If I’m honest, I’m seduced a little by the opening track, ‘Nightshift’, after which the same level of magic rarely returns within the remaining ten subsequent tracks. On it’s own, ‘Nightshift’ is glorious, a true 80s-influenced anthem of infectious up-beat intensity, with powerful melodies that lead to a hard rock/AOR-infused sing-along chorus. It is the kind of music that can turn a frown upside-down and make you smile. Complete with melodic lead guitar solos that call to mind the best harmonies of the NWOBHM movement, as well as a few flamboyant drum fills and galloping bass, it offers a bit of everything. I can’t sing the praises of this opening track highly enough.

I may be being a little harsh when I then suggest that this magic rarely makes a return appearance, certainly not to the same intensity at any rate. ‘Don’t Stop The Daydream’ is a thunderous follow-up, keeping the momentum going thanks to powerhouse rhythms and chunky riffs. However, the chorus doesn’t carry with it the same ‘stop everything’ vibe of its predecessor.

I don’t want to appear unduly unfair, so in order to focus on the positives, I’d pick out a few songs within the eleven that offer something genuinely positive. On that score, I’d have to begin with ‘Live The Adventure’ thanks mainly to the darker, more serious vibe, aside from the slightly unnecessary spoken word samples later in the song and at the very end. But regardless, the chorus is also one of the most pleasing and enjoyable for my tastes, a definite stand-out moment for sure.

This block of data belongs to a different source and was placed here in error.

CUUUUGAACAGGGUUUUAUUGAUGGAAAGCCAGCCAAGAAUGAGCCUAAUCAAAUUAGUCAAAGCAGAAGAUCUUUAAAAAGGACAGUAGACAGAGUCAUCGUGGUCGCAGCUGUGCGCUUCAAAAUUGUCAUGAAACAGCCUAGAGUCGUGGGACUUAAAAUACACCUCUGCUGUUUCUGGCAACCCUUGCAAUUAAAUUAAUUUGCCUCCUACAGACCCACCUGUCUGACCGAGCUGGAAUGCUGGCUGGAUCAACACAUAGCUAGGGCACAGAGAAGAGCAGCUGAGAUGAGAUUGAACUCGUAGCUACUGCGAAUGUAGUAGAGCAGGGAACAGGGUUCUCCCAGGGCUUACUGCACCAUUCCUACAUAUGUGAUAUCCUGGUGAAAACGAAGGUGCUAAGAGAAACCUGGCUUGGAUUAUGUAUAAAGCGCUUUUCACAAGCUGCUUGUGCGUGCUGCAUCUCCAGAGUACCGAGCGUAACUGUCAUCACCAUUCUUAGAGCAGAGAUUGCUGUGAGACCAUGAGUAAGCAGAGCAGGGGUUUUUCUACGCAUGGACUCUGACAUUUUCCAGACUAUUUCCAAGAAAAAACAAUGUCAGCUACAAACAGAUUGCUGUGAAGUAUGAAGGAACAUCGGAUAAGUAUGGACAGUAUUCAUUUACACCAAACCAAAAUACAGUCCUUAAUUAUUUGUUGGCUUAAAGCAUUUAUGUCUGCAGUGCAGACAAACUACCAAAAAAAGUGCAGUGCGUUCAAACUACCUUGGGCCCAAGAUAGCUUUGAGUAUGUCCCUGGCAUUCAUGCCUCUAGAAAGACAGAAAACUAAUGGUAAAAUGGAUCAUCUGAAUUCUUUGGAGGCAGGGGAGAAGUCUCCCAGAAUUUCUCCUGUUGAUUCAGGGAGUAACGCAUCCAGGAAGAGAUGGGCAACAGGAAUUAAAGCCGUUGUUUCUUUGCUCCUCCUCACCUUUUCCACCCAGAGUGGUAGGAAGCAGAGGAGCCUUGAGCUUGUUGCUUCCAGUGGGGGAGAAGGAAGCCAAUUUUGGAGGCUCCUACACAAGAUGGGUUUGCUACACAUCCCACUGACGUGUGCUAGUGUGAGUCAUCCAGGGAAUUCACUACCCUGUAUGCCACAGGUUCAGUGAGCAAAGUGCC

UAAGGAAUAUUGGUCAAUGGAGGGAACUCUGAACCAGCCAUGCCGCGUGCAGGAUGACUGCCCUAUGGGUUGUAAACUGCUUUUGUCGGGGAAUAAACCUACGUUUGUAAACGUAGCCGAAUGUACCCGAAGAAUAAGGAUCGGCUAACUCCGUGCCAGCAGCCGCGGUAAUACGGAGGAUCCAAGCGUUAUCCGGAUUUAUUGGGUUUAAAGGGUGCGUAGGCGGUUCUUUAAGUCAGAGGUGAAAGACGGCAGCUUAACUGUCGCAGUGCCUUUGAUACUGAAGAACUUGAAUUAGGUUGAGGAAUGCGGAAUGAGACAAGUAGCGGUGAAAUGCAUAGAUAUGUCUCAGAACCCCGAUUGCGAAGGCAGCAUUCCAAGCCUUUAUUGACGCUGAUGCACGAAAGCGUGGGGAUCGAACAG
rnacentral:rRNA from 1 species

Then there’s ‘Life Contagioned’ which provides a lovely hard-rocking groove and swagger that then segues into a moody bluesy verse. The chorus is the real highlight though, a real lighter-in-the-air style affair that delivers one of Langhans’ best vocal performances on the album. Here, his gravelly tones briefly disappear as he soars to the sky.

I’m not sure whether I’m hearing things, but as ‘Written By Life’ nears the end, the 70s classic rock influences appear to grow and dominate a couple of the later tracks. Whilst it’s not normally my ‘thing’, it’s hard not to grow fond of the strangely infectious chorus within ‘Twice A Week’, a song that begins intriguingly with bold string-led orchestration before acoustic guitars strum warmly.